The best golfers in the world will find a daunting test this week at the U.S. Open at Chambers Bay, but the links-style course definitely doesn’t fit our green, wet Northwest profile.

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UNIVERSITY PLACE — As the world’s best golfers converge on Chambers Bay, they are finding a mix of the sublime and the diabolical.

That’s quite different from “a farce,” which was Ian Poulter’s word-of-mouth assessment of a course that is unlike most anything seen on American shores. To these eyes, that’s a very good thing. And I’ll wager that by Sunday, most eyes will agree with me, except maybe the ones attached to hidebound PGA golfers.

“It’s a fun challenge,’’ said Jordan Spieth, the 21-year-old savant. “It’s a beautiful challenge as well.”

The visuals on Monday, while players went through their practice rounds and the fans soaked it all up (at least the ones who weren’t jamming the merchandise pavilion), were suitably spectacular.

At times, when I was on the higher elevations, looking back toward the sparkling Sound, with the Olympic Mountains in the background, it was downright breathtaking.

And yet the course, aesthetically pleasing as it is, will be filled with unique challenges. That includes holes that will be magically transformed overnight by virtue of the tee box, pin placement, or a combination thereof — “four new golf courses every day” is the way Tiger Woods recently put it after a practice round.

Challenged to describe the course in one word, Spieth came up, finally, with “inventive.” And don’t think the United States Golf Association (USGA), which will determine the setup each morning, isn’t milking the intrigue (and angst) amongst the golfers over the daily layout particulars.

“To be honest, I think it’s more just to get in our heads ahead of time,’’ Spieth said when asked about the “elasticity” of Chambers Bay.

Many other features will test the creativity of golfers. The elevation changes on the course can be daunting. As with most links-style courses, the ball will roll and roll, potentially negating the advantage of long hitters. The slopes and swales on the greens will turn seemingly spot-on approach shots into catastrophes if the ball rolls askew. Or, conversely, it can make a resourceful golfer look like a genius if he correctly reads the angles.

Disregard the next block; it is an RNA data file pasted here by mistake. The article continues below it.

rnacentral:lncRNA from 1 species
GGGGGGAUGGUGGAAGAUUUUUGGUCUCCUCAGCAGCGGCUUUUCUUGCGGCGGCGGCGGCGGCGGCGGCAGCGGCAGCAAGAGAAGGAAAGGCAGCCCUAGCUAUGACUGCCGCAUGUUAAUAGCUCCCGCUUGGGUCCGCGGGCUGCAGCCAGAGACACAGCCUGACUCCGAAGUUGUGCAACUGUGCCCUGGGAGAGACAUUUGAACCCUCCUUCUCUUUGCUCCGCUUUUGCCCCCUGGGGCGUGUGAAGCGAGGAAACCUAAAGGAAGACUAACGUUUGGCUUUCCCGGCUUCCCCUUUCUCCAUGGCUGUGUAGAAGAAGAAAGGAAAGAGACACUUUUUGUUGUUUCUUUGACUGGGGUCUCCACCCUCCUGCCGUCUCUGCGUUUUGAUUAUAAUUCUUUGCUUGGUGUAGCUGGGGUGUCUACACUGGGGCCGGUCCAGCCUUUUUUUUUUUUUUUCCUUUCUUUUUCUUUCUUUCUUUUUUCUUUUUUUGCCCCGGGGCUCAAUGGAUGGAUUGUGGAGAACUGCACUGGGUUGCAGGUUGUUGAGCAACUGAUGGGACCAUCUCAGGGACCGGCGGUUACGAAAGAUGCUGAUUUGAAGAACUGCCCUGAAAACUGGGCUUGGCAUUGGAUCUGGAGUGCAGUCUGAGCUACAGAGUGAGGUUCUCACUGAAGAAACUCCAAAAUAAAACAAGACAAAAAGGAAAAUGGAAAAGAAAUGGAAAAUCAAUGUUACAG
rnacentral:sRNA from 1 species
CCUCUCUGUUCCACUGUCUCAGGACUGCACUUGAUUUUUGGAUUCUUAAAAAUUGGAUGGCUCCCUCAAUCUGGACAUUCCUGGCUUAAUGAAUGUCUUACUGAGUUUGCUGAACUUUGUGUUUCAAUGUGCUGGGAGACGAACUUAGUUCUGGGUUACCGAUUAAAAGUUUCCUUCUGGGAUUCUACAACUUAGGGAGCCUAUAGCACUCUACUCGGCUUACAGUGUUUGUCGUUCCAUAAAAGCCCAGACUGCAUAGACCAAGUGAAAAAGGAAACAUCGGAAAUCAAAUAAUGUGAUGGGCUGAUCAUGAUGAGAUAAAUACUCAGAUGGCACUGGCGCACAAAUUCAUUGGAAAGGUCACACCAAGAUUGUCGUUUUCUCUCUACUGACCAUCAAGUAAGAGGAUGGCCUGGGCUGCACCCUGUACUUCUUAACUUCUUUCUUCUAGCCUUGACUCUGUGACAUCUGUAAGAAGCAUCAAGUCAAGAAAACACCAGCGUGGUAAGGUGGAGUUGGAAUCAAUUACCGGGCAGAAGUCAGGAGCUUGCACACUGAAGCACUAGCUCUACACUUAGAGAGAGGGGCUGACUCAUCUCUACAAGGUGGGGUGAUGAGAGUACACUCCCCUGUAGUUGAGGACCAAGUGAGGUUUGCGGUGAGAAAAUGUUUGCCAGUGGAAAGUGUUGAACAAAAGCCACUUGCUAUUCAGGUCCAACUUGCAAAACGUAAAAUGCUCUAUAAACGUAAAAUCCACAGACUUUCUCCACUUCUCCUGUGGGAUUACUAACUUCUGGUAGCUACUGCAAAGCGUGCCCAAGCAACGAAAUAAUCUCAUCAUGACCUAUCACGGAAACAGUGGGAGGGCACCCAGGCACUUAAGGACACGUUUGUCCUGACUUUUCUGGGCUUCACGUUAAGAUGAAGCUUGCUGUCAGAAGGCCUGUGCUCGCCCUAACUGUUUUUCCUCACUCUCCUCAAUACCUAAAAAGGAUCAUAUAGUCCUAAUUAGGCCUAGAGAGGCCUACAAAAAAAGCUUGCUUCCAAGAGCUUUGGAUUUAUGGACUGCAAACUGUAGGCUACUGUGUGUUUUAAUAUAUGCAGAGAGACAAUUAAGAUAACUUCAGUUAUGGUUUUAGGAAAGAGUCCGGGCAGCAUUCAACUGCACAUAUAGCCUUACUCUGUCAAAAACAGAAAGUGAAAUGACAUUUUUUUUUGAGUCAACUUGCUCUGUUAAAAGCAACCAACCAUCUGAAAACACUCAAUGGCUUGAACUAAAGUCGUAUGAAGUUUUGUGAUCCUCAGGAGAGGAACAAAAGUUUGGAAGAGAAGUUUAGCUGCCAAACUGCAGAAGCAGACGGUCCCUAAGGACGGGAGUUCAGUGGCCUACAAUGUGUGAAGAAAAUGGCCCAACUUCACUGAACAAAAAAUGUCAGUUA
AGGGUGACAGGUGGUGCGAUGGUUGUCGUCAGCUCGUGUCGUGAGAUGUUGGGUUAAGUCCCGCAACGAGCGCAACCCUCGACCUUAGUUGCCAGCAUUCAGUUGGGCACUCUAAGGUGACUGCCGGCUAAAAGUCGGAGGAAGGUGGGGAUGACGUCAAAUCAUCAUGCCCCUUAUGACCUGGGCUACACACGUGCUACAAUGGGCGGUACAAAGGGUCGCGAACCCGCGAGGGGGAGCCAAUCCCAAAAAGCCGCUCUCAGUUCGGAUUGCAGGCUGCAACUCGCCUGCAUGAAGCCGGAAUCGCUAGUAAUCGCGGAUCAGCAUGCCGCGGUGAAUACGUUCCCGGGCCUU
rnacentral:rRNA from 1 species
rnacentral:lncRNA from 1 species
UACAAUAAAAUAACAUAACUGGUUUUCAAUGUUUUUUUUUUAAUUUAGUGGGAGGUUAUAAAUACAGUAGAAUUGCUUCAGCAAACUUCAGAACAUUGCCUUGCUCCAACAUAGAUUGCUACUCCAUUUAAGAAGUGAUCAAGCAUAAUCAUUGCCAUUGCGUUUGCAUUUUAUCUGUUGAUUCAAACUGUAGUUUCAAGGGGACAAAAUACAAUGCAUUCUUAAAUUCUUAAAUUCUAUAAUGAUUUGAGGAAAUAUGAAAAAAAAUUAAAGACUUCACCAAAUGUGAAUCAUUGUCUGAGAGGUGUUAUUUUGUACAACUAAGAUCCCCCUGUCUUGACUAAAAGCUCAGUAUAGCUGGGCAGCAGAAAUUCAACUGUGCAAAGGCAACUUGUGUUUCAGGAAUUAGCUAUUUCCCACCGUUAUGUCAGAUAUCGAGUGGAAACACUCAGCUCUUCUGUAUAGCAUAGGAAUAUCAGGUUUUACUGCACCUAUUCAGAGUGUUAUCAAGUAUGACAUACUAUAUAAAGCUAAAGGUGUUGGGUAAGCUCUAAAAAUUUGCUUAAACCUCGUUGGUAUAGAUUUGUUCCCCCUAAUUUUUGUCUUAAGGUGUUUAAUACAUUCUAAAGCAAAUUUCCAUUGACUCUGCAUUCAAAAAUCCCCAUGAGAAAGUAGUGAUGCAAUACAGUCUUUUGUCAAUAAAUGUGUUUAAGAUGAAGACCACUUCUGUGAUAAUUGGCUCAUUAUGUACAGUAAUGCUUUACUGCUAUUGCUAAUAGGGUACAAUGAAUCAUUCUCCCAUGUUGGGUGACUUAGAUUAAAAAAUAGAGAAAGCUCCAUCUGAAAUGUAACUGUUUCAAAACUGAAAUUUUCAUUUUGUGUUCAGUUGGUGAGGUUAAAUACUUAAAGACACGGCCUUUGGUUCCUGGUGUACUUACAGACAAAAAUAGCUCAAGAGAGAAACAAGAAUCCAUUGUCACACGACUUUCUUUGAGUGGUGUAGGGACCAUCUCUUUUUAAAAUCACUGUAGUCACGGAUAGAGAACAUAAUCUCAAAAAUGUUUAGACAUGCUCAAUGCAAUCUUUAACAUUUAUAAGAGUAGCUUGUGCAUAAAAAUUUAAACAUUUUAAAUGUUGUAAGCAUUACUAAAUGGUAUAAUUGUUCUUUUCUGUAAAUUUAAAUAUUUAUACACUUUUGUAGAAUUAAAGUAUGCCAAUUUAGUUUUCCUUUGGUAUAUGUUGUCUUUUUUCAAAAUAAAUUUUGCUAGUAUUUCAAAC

Most people have seen video of the practice-round putt that Bubba Watson put up on social media, in which he turned his back to the hole, sent it up and back down a steep slope and right into the cup, like some cutup at the local putt-putt course.

The only thing missing was the clown’s mouth, which helps explain Henrik Stenson’s recent description of Chambers Bay as a “a tricked-up links course.’’

Maybe, but it’s OUR tricked-up links course. There’s definitely some Northwest pride at stake here. You can’t help but want the rest of the world to see our region with its finest foot forward; the glorious weather Monday was a great start.

Yet the strangest fact of all is that while Chambers Bay is surrounded by characteristic Northwest beauty, and quirky regional charm (like the train that periodically rumbles past, and the military planes that fly overhead), the course itself can be antithetical to Puget Sound stereotypes.

This may be the Evergreen state, but the fescue grass of Chambers Bay is not of a particularly vivid green color. To be perfectly honest, it has more of a brownish hue, particularly on the, uh, green.

Ryan Moore, whose University Place roots are strong, was asked if the fescue meant that golfers were going to miss a lot of putts

Tour Chambers Bay

Take a tour of the links-style course using our 3-D flyover, including videos featuring U.S. Open Championship Director Danny Sink.

“Yeah, just like every tournament, we miss a lot of putts,’’ he said wryly. “We make a lot, too. But honestly, they’re definitely not the prettiest greens in the world, but no fescue greens are that pretty. But it actually rolls a lot better than it looks.”

There is water everywhere — but none on the course. And while we’re renowned in these parts for our copious quantity of trees, this course has just one, a Douglas fir behind the 15th green that won’t be a factor.

That last fact amused Lee Janzen, who won a U.S. Open title in 1998 in part because a ball presumed to be stuck in a tree fell down right before he was going to re-hit.

“Where is it?” Janzen asked of the lone tree at Chambers Bay, then joked: “Actually, I sent some guys out here a few months ago to try to chop it down, but they didn’t get it done.”

Added Janzen, “I usually like to play courses with trees because they frame the hole. But on links courses, with the dunes and the hillsides and the background, can also shape the hole really well, too.”

So the first U.S. Open in the great Northwest features no water and one tree, framed in beige. Go figure.

“I think the golf course isn’t really going to portray the Pacific Northwest,’’ Janzen said. “It’s so unique to itself that I don’t know if anybody has played any course like this, from what I’ve read and what I’ve seen in print.”

I guess you could say, to paraphrase the commercial, it’s a lot like us – a little different.